Confident In The FBI? Investigation – Inside Informants – Surveillance – Not Enough To Stop Omar Mateen

The director of the FBI tells us that finding out what Mr. Omar Mateen was up to prior to the Orlando massacre is like looking for a needle in a national haystack of hundreds of potential jihadis.  The cops have that much work to do.  Well here’s a novel idea:

Maybe if we didn’t have so many Muslims in our country, any one of whom is capable of answering the call to violent jihad at any time of day or night, the FBI might be able to do its job properly.  The politically correct left calls the entirely-rational, Shariah-compliant  Muslim decision to pick up a weapon and begin killing Infidels “radicalization.”

News Flash:

Jihad is not radical in the Muslim mind.  It’s Islam.  It’s in the Quran.  Mr. Comey should read it.  Mr. Obama already knows what is there.  Given that the President is working as quickly as possible to get more and more Muslims into our country, that is a real problem.

America should be more than a little worried.

The cops in Europe are absolutely overwhelmed in trying to deal with the crime wave caused by the current flood of Merkel-Muslims.  Perhaps our own law enforcement authorities are similarly overwhelmed.

Sure does sound like that’s the case in the United States if one listens carefully to what the FBI Director said in his announcement.

Takeaway:  Hang on.  Things are going to get a lot worse.

Mr. Obama’s solution is – to start disarming Americans?

Thanks to Vlad Tepes for the video link.

About John L. Work

John Lloyd Work has taken the detective thriller genre and woven an occasional political thread throughout his books, morphing what was once considered an arena reserved for pure fiction into believable, terrifying, futuristic, true-to-life “faction”. He traveled the uniformed patrolman’s path, answering brutal domestic violence calls, high speed chases, homicides, suicides, armed robberies, breaking up bar fights, and the accompanying sporadic unpredictable moments of terror - which eventually come to all police officers, sometimes when least expected. He gradually absorbed the hard fact that the greatest danger a cop faces comes in the form of day-to-day encounters with emotionally disturbed, highly intoxicated people. Those experiences can wear a cop down, grinding on his own emotions and psyche. Prolonged exposure to the worst of people and people at their worst can soon make him believe that the world is a sewer. That police officer’s reality is a common thread throughout Work’s crime fiction books. Following his graduation from high school, Work studied music and became a professional performer, conductor and teacher. Life made a sudden, unexpected turn when, one afternoon in 1976, his cousin, who eventually became the Chief of the Ontario, California, Police Department, talked him into riding along during a patrol shift. The musician was hooked into becoming a police officer. After working for two years as a reserve officer in Southern California and in Boulder, Colorado, he joined the Longmont, Colorado Police Department. Work served there for seven years, investigating crimes as a patrolman, detective and patrol sergeant. In 1989 he joined the Adams County, Colorado Sheriff’s Office, where he soon learned that locking a criminal up inside a jail or prison does not put him out of business. As a sheriff’s detective he investigated hundreds of crimes, including eleven contract murder conspiracies which originated “inside the walls”. While serving on the Adams County North Metro Gang Task Force and as a member of the Colorado Security Threat Intelligence Network Group (STING), Work designed a seminar on how a criminal’s mind formulates his victim selection strategy. Over a period of six years he taught that class in sheriff’s academies and colleges throughout Colorado. He saw the world of crime both inside the walls and out on the streets. His final experiences in the criminal law field were with the Colorado State Public Defender’s Office, where for nearly two years he investigated felonies from the defense side of the Courtroom. Twenty-two years of observing human nature at its worst, combined with watching some profound changes in America’s culture and political institutions, provided plenty of material for his first three books. A self-published author, he just finished writing his tenth thriller.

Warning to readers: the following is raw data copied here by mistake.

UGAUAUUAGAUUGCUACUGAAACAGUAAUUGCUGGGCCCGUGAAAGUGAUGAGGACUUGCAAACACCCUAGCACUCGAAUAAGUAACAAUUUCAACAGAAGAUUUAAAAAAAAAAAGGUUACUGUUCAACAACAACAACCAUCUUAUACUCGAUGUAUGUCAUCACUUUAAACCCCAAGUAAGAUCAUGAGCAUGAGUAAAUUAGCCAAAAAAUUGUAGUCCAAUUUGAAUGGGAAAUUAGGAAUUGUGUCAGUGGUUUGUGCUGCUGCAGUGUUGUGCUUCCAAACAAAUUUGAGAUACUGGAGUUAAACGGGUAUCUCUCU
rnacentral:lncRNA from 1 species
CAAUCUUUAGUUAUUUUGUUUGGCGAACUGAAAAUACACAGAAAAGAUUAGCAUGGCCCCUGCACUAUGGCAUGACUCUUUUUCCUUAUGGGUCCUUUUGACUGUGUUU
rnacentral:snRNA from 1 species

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One Response to Confident In The FBI? Investigation – Inside Informants – Surveillance – Not Enough To Stop Omar Mateen

  1. Pingback: Police Officer Rises From His Hospital Bed To Raise Hell Against Francois Hollande’s Fecklessness | Here's The Right Side Of It

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